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Παρασκευή, 25 Ιουνίου 2021

The Early Mycenaean Site of Kakovatos in Triphylia

Kakovatos: The Site

“(Social) space is a social product”.3 The ground-breaking works of the French sociologists Henri Lefebvre and Pierre Bourdieu had a fundamental impact on the perception of geography and its built environment as a social construct that is produced and reproduced in everyday practice by social agents. Every society thus produces its own space, because social structures and related practices are translated into physical space with its hierarchies of sites, places and relational positions, the space of the living and the dead. Social agents always occupy specific places in physical space, and in the words of P. Bourdieu, “their habitus shapes their habitat” and vice versa.4
Our paper is dedicated to the evaluation of the recent excavations at Kakovatos, where we can trace the emergence of an early Mycenaean site with (the very last remains of) residential buildings and associated burial places. With a review of our finds and the associated stratigraphy, we would like to look at the creation and demise of the building complex on the acropolis and the tombs at Kakovatos. The chronology of developments will allow us to examine the dynamic changes in the organisation of social space and the political landscape of the region.

On the western coast of the Peloponnese, south of the Alpheios River and north of the Neda, between the historical regions of Elis and Messenia lies the region of Triphylia, which only rarely gained any political significance in history. In 1907–08 the renowned Wilhelm Dörpfeld discovered and excavated the Mycenaean site of Kakovatos, which he identified with the Homeric Pylos based on the geographical indications contained in the Homeric Iliad.5 Apart from three tholos tombs, he uncovered building remains of what he called ‘the royal house’ with storage facilities on the acropolis hill (Fig. 1).6 Unfortunately, he never completed his plan to publish the results of these excavations with detailed maps and documentation.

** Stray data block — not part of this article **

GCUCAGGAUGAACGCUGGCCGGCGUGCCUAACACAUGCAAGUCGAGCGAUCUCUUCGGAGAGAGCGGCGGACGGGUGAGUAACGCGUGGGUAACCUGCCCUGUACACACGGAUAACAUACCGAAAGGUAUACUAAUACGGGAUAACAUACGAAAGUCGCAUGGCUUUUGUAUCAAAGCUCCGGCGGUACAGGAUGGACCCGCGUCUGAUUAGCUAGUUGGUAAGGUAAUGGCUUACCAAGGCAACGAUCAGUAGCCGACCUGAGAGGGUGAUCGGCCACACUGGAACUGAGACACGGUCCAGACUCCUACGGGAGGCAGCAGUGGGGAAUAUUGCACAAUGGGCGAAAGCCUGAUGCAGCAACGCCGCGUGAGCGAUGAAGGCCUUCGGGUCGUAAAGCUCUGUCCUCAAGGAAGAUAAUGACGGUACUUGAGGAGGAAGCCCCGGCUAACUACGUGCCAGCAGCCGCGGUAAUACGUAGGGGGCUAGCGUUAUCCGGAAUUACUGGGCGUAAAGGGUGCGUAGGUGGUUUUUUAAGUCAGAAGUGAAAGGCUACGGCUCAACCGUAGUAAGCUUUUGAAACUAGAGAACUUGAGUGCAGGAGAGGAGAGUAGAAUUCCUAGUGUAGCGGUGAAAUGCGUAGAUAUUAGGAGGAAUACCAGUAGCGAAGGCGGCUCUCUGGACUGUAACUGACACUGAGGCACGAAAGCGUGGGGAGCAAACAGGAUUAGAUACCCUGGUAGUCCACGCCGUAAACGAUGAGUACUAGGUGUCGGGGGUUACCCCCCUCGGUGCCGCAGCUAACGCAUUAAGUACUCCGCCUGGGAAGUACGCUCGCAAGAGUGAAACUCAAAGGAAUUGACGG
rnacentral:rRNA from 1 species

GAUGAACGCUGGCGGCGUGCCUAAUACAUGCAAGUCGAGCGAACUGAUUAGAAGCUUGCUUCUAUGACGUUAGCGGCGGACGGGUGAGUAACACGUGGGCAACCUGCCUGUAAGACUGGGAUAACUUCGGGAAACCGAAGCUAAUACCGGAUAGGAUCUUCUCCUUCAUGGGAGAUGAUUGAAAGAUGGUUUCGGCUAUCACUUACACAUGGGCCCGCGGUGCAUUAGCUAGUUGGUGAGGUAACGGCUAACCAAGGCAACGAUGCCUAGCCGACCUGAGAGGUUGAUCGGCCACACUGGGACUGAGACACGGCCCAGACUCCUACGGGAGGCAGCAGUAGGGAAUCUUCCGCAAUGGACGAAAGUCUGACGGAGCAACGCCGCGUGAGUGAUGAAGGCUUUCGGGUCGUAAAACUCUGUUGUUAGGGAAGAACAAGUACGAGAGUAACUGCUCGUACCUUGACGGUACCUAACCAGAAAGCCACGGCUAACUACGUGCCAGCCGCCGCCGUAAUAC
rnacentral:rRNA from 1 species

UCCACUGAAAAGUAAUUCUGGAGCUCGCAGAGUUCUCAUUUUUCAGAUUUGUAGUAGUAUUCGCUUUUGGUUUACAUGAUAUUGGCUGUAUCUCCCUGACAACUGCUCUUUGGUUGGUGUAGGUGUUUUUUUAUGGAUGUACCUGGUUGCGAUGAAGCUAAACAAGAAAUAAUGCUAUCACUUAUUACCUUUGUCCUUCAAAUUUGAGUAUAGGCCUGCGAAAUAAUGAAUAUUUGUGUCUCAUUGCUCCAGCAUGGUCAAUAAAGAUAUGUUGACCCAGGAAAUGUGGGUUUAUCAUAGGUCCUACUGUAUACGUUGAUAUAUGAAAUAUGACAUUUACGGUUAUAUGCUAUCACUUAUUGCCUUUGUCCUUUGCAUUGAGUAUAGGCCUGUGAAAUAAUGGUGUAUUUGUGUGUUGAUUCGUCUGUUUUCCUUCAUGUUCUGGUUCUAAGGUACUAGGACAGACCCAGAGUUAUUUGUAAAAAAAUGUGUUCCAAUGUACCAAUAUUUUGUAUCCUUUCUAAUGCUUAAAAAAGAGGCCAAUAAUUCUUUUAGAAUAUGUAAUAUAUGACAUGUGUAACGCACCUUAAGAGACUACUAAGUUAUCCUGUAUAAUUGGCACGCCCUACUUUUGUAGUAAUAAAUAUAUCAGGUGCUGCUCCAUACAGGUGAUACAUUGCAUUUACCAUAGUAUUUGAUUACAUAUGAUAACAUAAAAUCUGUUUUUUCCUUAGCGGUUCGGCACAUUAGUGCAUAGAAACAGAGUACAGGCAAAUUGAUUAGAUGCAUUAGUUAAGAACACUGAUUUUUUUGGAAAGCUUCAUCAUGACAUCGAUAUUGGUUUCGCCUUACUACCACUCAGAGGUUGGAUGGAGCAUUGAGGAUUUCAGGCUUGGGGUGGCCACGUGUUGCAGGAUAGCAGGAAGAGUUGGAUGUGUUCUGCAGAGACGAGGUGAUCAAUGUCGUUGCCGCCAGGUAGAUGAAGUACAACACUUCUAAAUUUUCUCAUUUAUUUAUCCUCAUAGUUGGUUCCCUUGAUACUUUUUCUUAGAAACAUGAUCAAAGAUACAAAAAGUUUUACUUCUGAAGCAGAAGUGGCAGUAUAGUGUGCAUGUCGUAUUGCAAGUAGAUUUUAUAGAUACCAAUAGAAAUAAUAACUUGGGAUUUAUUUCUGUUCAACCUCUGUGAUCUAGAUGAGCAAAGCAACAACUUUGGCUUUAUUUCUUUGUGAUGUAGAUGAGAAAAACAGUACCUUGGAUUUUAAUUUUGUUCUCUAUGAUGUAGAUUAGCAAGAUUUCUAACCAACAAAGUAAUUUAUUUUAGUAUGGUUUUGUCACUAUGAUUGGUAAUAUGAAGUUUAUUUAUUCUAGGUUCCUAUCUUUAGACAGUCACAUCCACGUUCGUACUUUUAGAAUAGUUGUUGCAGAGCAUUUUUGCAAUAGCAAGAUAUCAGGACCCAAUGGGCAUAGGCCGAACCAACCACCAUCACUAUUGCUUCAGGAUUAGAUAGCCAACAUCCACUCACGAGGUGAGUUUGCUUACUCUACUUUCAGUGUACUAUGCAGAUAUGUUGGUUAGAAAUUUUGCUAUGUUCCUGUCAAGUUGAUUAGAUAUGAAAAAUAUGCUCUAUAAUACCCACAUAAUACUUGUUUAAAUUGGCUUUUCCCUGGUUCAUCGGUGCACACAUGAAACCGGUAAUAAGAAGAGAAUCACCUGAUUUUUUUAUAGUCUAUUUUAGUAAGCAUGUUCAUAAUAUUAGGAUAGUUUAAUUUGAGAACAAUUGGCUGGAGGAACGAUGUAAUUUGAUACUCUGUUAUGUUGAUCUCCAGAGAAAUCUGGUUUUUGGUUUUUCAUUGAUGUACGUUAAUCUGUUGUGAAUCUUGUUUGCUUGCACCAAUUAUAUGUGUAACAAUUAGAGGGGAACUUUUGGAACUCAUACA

The site lies on a hill of about 70 masl in a prominent location, now about 2km off the sandy shoreline. The hilltop offers a perfect view of the region. Towards the south lies Messenia with the dominant ridge of the Aigaleon and with Kyparissia just at the foot of the mountain.7 The view across the coastal plain to the north ends at Samikon, where the Bronze Age site of Kleidi lies on the western tip of the Lapithos Mountain range (Fig. 2).8
At the foot of the Kakovatos hill lay three large tholos tombs (Fig. 3), which were excavated by W. Dörpfeld and published in an exemplary manner by Kurt Müller shortly after their discovery. A thorough and detailed re-evaluation and republication of the burial goods by Christine de Vreé is under way.9

Almost exactly a hundred years after W. Dörpfeld, renewed fieldwork began in 2009 when Birgitta Eder resumed the archaeological work at the site of Kakovatos with a team from the University of Freiburg and in collaboration with the Greek Archaeological Service under the direction of Georgia Hadzi-Spiliopoulou and in cooperation with Barbara Horejs, who managed the excavation fieldwork.
A survey in 2009 established that traces of human activity in the form of built structures and pottery fragments concentrated in the west of the acropolis plateau, where the remains of Dörpfeld’s excavations were located. There was no evidence pointing to the existence of ancient buildings in the east of the acropolis or further downhill.10 However, the hilltop had apparently suffered 
from intensive erosion, because the natural soil was present almost everywhere. Geoarchaeological borings at the foot of the hill confirmed the existence of up to 3 m-deep colluvial layers with remains of cultural deposits.11 Like the rest of the region in general, the geology of the hill is made of Neogene sand and marl and thus easily susceptible to erosion by wind and rain.